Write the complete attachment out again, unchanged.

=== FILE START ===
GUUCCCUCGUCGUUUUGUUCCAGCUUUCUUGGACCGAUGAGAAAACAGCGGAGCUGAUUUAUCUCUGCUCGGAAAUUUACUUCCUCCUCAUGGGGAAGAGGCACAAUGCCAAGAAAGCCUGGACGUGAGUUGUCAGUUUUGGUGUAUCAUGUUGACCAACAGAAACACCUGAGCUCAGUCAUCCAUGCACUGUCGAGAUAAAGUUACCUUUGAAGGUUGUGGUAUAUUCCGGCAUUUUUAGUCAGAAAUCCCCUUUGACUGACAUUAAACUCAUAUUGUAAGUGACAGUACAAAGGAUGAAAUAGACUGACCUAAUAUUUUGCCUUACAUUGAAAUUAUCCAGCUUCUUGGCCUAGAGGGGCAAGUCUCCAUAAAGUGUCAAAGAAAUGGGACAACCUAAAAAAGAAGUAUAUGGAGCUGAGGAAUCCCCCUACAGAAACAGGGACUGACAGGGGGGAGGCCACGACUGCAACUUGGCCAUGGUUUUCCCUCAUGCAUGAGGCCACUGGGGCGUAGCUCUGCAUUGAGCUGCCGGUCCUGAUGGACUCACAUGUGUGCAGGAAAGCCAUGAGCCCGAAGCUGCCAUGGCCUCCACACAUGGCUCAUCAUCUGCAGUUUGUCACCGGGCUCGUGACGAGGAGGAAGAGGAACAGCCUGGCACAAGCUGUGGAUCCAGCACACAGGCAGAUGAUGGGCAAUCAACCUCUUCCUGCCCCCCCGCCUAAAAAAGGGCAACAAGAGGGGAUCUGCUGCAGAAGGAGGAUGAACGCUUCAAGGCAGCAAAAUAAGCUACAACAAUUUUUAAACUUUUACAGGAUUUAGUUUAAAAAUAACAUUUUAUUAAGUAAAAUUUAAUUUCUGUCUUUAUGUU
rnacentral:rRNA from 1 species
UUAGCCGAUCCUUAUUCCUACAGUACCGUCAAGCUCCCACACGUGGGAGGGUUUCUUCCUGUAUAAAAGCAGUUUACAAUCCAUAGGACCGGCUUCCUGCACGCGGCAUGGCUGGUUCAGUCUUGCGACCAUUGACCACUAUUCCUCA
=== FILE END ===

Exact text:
GUUCCCUCGUCGUUUUGUUCCAGCUUUCUUGGACCGAUGAGAAAACAGCGGAGCUGAUUUAUCUCUGCUCGGAAAUUUACUUCCUCCUCAUGGGGAAGAGGCACAAUGCCAAGAAAGCCUGGACGUGAGUUGUCAGUUUUGGUGUAUCAUGUUGACCAACAGAAACACCUGAGCUCAGUCAUCCAUGCACUGUCGAGAUAAAGUUACCUUUGAAGGUUGUGGUAUAUUCCGGCAUUUUUAGUCAGAAAUCCCCUUUGACUGACAUUAAACUCAUAUUGUAAGUGACAGUACAAAGGAUGAAAUAGACUGACCUAAUAUUUUGCCUUACAUUGAAAUUAUCCAGCUUCUUGGCCUAGAGGGGCAAGUCUCCAUAAAGUGUCAAAGAAAUGGGACAACCUAAAAAAGAAGUAUAUGGAGCUGAGGAAUCCCCCUACAGAAACAGGGACUGACAGGGGGGAGGCCACGACUGCAACUUGGCCAUGGUUUUCCCUCAUGCAUGAGGCCACUGGGGCGUAGCUCUGCAUUGAGCUGCCGGUCCUGAUGGACUCACAUGUGUGCAGGAAAGCCAUGAGCCCGAAGCUGCCAUGGCCUCCACACAUGGCUCAUCAUCUGCAGUUUGUCACCGGGCUCGUGACGAGGAGGAAGAGGAACAGCCUGGCACAAGCUGUGGAUCCAGCACACAGGCAGAUGAUGGGCAAUCAACCUCUUCCUGCCCCCCCGCCUAAAAAAGGGCAACAAGAGGGGAUCUGCUGCAGAAGGAGGAUGAACGCUUCAAGGCAGCAAAAUAAGCUACAACAAUUUUUAAACUUUUACAGGAUUUAGUUUAAAAAUAACAUUUUAUUAAGUAAAAUUUAAUUUCUGUCUUUAUGUU
rnacentral:rRNA from 1 species
UUAGCCGAUCCUUAUUCCUACAGUACCGUCAAGCUCCCACACGUGGGAGGGUUUCUUCCUGUAUAAAAGCAGUUUACAAUCCAUAGGACCGGCUUCCUGCACGCGGCAUGGCUGGUUCAGUCUUGCGACCAUUGACCACUAUUCCUCA